2. Spectacle

That elusive WOW factor that we want to generate is getting harder to achieve. The expectations of our audiences are continuing to increase.  We all expect high quality, bespoke experiences that are delivered safely and effectively and that’s great but it’s difficult to create the surprise, particularly when working with ever tighter budgets. So we think that spectacle is the way forwards, that is, creating collective creative experiences that include different artforms to create a whole. Then there isn’t a focus on one single solution to the wow factor but rather that people can create their own experiences.

3. Interaction

Use of technology is increasing of course so our expectations of technology at events is increasing.  Not just in terms of the audio visual but in terms of wifi, apps, registration as well as production itself including 3D mapping, augmented reality and RFID/NFR. There are thousands of options for engaging technology whatever our event but it’s important to remember that it must be appropriate for the event content and audience.

4. In-kind

The barter economy is alive and well! We are finding that a number of projects are using in-kind support as a means to get supplies or services and engage sponsors to gain greater market presence. Not only does this provide a means to balance the budget but also builds collaboration and goodwill. The note of caution here is that you can’t reach a level where in-kind jeopardises the business function itself – we still need cash!

5. Buy Local, Think Global

This isn’t just about local produce but about engaging with the local economy, using local suppliers as much as possible whilst still creating output that is globally aware. For us, part of this is about recognising our responsibility to try to create positive impacts in everything we do. This translates in choosing our venues and suppliers, in our travel planning, in our marketing and  in our event design.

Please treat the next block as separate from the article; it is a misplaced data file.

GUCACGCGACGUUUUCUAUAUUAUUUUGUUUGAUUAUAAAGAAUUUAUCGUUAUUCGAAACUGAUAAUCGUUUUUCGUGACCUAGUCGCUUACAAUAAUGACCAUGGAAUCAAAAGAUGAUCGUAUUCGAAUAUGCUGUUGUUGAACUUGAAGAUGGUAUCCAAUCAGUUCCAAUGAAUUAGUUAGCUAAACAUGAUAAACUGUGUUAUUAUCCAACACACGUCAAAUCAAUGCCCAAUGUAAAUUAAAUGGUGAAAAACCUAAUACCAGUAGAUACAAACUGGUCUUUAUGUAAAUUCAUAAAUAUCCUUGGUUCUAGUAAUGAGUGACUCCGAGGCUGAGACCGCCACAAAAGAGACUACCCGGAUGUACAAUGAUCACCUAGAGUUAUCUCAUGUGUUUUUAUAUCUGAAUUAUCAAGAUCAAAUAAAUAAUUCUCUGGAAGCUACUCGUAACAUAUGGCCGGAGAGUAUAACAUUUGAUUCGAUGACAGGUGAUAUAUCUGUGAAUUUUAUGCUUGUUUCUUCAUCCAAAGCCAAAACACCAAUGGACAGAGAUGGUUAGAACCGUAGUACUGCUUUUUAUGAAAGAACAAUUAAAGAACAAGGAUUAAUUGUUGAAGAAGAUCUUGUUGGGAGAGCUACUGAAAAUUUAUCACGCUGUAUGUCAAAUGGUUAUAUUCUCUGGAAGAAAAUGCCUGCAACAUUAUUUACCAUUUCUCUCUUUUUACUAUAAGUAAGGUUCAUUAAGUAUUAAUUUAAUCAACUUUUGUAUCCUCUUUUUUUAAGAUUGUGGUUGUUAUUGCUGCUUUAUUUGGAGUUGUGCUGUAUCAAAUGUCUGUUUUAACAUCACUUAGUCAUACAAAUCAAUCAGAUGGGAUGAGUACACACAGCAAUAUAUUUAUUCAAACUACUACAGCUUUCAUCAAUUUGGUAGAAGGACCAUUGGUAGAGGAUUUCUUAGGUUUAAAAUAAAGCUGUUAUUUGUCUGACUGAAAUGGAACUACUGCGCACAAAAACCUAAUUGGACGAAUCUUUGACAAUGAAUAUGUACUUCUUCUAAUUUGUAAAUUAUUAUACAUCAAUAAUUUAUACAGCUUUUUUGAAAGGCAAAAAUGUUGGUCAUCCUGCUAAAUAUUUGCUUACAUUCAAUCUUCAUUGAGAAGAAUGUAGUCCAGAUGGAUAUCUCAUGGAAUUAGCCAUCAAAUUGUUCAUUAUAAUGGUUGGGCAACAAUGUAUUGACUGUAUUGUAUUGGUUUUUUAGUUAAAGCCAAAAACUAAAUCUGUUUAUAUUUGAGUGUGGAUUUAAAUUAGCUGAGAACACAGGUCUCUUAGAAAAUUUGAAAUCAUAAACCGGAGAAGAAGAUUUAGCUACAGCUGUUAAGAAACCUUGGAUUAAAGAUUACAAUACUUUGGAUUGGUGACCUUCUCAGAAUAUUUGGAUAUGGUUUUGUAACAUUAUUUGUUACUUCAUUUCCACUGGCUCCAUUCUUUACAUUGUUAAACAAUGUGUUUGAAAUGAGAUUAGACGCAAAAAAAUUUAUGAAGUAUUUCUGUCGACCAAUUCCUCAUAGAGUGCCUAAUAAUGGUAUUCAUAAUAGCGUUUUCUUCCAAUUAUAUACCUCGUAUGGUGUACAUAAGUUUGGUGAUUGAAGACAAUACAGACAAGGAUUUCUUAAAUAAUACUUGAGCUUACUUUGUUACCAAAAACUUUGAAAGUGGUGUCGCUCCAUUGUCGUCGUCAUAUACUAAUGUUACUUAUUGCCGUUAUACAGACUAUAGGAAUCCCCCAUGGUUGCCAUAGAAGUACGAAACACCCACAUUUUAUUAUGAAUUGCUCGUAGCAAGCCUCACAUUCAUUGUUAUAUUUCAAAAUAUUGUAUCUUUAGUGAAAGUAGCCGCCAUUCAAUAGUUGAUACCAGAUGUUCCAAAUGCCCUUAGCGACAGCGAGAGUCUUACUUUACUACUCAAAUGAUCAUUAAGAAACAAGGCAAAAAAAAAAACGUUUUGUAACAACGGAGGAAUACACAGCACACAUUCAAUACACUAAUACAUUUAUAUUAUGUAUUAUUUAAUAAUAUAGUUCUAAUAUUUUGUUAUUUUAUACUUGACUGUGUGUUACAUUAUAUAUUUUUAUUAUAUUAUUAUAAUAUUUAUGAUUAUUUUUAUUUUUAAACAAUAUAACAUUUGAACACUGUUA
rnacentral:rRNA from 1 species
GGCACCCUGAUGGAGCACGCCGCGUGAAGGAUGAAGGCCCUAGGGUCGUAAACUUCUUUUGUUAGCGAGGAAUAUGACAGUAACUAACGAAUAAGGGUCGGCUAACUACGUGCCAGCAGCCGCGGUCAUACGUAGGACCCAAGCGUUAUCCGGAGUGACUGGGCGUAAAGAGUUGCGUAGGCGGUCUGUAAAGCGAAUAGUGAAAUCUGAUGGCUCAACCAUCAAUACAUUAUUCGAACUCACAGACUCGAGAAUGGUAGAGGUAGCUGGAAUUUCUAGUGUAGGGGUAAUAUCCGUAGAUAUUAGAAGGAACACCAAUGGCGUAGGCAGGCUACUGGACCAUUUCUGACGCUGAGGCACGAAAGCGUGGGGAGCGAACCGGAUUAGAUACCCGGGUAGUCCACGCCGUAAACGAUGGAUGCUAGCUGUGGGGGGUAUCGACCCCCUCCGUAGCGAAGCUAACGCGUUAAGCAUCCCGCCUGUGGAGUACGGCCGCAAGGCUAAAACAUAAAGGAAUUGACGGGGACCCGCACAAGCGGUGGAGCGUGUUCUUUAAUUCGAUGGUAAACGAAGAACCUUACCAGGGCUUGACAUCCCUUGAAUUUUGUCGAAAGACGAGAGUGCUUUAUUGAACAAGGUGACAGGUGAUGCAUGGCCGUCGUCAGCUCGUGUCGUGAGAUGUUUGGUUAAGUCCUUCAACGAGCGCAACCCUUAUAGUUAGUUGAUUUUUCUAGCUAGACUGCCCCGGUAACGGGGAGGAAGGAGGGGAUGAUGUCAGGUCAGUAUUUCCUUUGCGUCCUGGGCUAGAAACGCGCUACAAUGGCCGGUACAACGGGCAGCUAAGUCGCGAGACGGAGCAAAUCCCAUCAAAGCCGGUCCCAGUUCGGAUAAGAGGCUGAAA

Claire Eason Bassett, Managing Director, Mackerel Sky

 

Does an MBA Mean Success?

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Do you need to have an MBA to be a successful businessperson?

It is perhaps an out-dated idea that an MBA opens doors and shoots you up the corporate ladder, and maybe it’s simply not true any more….

This week I graduate with an MBA and I think I started on the course because I had an aspiration then to develop my business capabilities and, being completely honest, I liked the sound of having more letters after my name.  Now I have those letters and it doesn’t really make a fig of difference. What does make a difference is the incredible amount I have learned and how the course has made me a better leader and manager.  It certainly hasn’t taught me everything nor do I get things right all the time but I make better decisions, I am more aware of my limitations and liabilities and I have a greater ability to overcome those limitations.

My course was with the Open University and their flexible learning approach backed up with solid academic staff and content has enabled me to complete this postgraduate qualification whilst constantly applying it to my work environment.

I started when I was at Rambert and it changed me from someone who did admin to someone who managed. I continued when I worked for the Arts Council and the course enabled me to start to see the strategic context and apply it to public sector activity. When I moved back home to Cornwall, it was a vital connection with my old (successful) life in London which I missed hugely initially. And when I started the business, the course gave me external perspectives which I would not otherwise have had and these gave me an overview that I couldn’t see on my own.

One of the most valuable things has been bouncing ideas and challenges off others studying for the same objectives, people who have no agenda, no interest other than academic and no personal involvement in the outcome.  In reverse, this sharing of challenges and issues in a completely confidential environment has enabled me to recognise that I am not alone, that my brain adds value and perspective to situations, and that there is always value in exploring difficult problems with others.

So the value of an MBA today is not about getting further up that corporate ladder (in my opinion) but rather about continuing the learning and development of myself as a business person, as a leader and as a human being. And yes, that sentence would feature in my speech were I ever to win Miss World…..

Claire Eason Bassett, Managing Director, Mackerel Sky Events

 

Welcome to the blog home of Mackerel Sky Events!

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Welcome to the first of our blogs from Mackerel Sky Events and Event Cornwall!

As a professional creative event management agency with a wealth of experience across a hugely diverse range of events, we love to live, breathe and talk events. So we’re hoping that you’ll enjoy reading and following our comments and thoughts on the wonderful world of events and, of course, letting us know your own views. So let’s get started ….